The Act ensures authenticity and integrity of data messages communicated through the Internet to make online contracts, and thus ensures security of communication through the Internet. A digital signature may be likened to a house with open doors and windows through which anybody can peep or view what is happening inside the house. As a result, users suffer from insecurity of communication. Since other Internet users, legitimate or not, may view messages, alter them, or copy them.

  This panic of uncertainty and insecurity is removed by applying encryption technology. The recipient can effectively determine the identity of the sender and the authenticity and integrity of the message sent, by decrypting the message, using the sender’s public key listed in a valid certificate of the sender issued by the licensed certification authority. The recipient also can effectively determine whether the message has been altered in the course of transmission. Section 2 of the Digital Signature Act defines a signature thus:

  Digital signature means a transformation of a message using an asymmetric cryptosystem such The Act ensures authenticity and integrity of data messages communicated through the Internet e-Contract law – Malaysia that a person having the initial message and the signer’s public key can accurately determine (a) whether the transformation was created using the private key that corresponds to the signer’s public key and (b) whether the message has been altered since the transformation was made.

  The Act also ensures the evidential value of digitally signed message. This will not be denied for the only reason that a data message was used to make a contract. Further, it will be deemed to be an original document for evidential purpose to be used in court. Section 65 of the Act provides that:

  A copy of a digitally signed message shall be as valid, enforceable and effective as the original of the message.

  The Evidence Act 1950 (Malaysia) (Amended in 1997) also recognises a computer document for

  evidential purpose in the court. Section 90A of the Act which was amended in 1997 provides that:

  In any criminal or civil proceeding a document produced by a computer, or a statement contained in such document, shall be admissible as evidence of any fact stated therein if the document was produced by the computer in the course of its ordinary use, whether or not the person tendering the same is the maker of such document or statement.

  To provide digital signature certificates to the subscribers, the Digital Signature Act (Malaysia)

  has established certification authorities who issue certificates to subscribers to send messages using digital signature technology. The certification authority provides a key pair to subscribers. The private key is a secret key and it is the duty of the subscriber to keep this key secret at all times. The public key is made public and listed in the certificate issued by the certification authorities. At present the Malaysian Government has licensed Digicert and Msctrustgate as certification authorities.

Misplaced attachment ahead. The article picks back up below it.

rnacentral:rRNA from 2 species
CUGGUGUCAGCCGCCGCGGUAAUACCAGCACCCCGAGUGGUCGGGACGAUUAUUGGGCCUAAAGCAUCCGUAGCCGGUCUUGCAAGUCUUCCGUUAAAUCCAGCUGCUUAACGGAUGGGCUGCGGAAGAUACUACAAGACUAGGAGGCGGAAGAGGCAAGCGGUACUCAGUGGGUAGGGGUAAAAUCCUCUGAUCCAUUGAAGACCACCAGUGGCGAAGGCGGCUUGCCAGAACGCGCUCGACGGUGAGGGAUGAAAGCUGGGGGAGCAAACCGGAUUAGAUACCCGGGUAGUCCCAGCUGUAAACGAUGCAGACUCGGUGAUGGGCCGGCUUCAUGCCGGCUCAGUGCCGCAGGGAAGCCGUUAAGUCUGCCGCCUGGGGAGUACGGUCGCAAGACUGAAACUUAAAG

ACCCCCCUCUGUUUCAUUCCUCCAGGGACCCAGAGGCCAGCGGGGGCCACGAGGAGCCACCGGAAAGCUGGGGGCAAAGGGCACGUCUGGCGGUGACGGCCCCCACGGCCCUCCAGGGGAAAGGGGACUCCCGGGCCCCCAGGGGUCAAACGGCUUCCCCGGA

J. Conclusion 结论

  For parties entering contracts in Malaysia or with Malaysians it is immediately apparent that perusal of the Digital Signature Act 1997 reveals that it omits more than it includes. In several areas crucial to commercial transactions it is even less comprehensive than the Utah Digital Signature Act 1995 of which it is an almost complete copy. It is incomplete to the extent that the Malaysian legislation omits a number of provisions, more particularly those that were designed to afford consumer protection to the citizens of Utah.

  In the absence of any unambiguous statement to the contrary it must be assumed that the law has reference only to transactions in which the participants are Malaysians operating in Malaysia. This is significantly different from the Computer Crimes Act 1997, which provides that the territorial scope of the Act:

  …shall, in relation to any person, whatever his nationality or citizenship, have effect outside as well as within Malaysia, and where an offence under this Act is committed by any parson in any place outside Malaysia, he may be dealt with in respect of such offence as if it was committed at any place within Malaysia.

  Left unanswered are such questions as:

  What are the consequences of breaches of the Digital Signature Act where one of the parties to a contract (sender or recipient) is outside Malaysia? The Act is silent on this.

  Individuals enter into contracts. Is it envisaged that an individual would/should have a private key? If so, how effective is such a provision likely to be, given the necessity for expensive hardware and software?

  The Act appears to be designed to offer comfort to those international corporations considering investing in the Multimedia Super Corridor. This is, of course, quite proper, and provides an attractive incentive. One of the less fortunate concomitants, however, is that consumers are considerably disadvantaged by certain provisions of the Act as it presently stands.

  The liability allocations of the Act impose potentially unlimited risk on users of digital signatures. It also limits the liability of certification authorities. By failing to take into account consumer protection, at a time when the government is promoting the development of a public key infrastructure, the Act runs counter to the notion of consumer interests, as espoused in the long-awaited consumer protection legislation.

  Under the Act, contracting parties using digital signatures are held (s 43) to a standard of reasonable care in preventing disclosure of their private encryption key. Establishing precisely what is meant by reasonable care may involve expensive litigation in the courts. Until this is achieved, and a clear standard has emerged, we may be faced with a series of inconsistent decisions by courts largely ill-equipped to determine highly technical and rapidly evolving issues.